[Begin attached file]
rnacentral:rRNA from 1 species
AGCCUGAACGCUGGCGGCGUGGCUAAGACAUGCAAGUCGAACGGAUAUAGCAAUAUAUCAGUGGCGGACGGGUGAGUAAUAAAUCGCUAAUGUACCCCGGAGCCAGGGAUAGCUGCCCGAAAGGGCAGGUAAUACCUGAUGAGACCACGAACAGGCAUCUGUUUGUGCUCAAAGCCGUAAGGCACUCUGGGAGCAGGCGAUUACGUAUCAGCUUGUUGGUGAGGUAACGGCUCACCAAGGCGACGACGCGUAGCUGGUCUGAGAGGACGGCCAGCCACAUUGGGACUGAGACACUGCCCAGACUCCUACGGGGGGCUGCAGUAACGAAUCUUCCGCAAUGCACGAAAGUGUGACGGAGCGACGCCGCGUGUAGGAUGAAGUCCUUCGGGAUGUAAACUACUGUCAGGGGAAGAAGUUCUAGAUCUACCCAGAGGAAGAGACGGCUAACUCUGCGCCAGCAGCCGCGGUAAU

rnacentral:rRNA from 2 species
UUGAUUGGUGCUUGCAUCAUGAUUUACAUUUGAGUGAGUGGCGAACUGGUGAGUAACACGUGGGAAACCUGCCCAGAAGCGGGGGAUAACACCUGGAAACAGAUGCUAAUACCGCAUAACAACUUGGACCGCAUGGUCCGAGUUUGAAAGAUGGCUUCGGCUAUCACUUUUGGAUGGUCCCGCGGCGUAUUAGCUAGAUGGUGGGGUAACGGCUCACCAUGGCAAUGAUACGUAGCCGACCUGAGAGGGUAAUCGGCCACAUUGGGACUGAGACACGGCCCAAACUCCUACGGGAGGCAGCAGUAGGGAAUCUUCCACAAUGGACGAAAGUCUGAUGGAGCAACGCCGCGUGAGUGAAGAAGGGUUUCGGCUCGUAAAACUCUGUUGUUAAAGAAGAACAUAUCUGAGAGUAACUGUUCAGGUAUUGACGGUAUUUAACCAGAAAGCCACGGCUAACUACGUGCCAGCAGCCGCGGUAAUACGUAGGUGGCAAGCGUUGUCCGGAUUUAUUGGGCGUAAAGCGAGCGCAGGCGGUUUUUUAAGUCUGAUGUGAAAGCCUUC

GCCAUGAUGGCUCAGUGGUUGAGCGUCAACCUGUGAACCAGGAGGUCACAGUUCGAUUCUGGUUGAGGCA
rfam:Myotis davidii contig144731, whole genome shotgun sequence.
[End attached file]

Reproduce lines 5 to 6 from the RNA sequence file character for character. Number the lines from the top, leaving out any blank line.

GCCAUGAUGGCUCAGUGGUUGAGCGUCAACCUGUGAACCAGGAGGUCACAGUUCGAUUCUGGUUGAGGCA
rfam:Myotis davidii contig144731, whole genome shotgun sequence.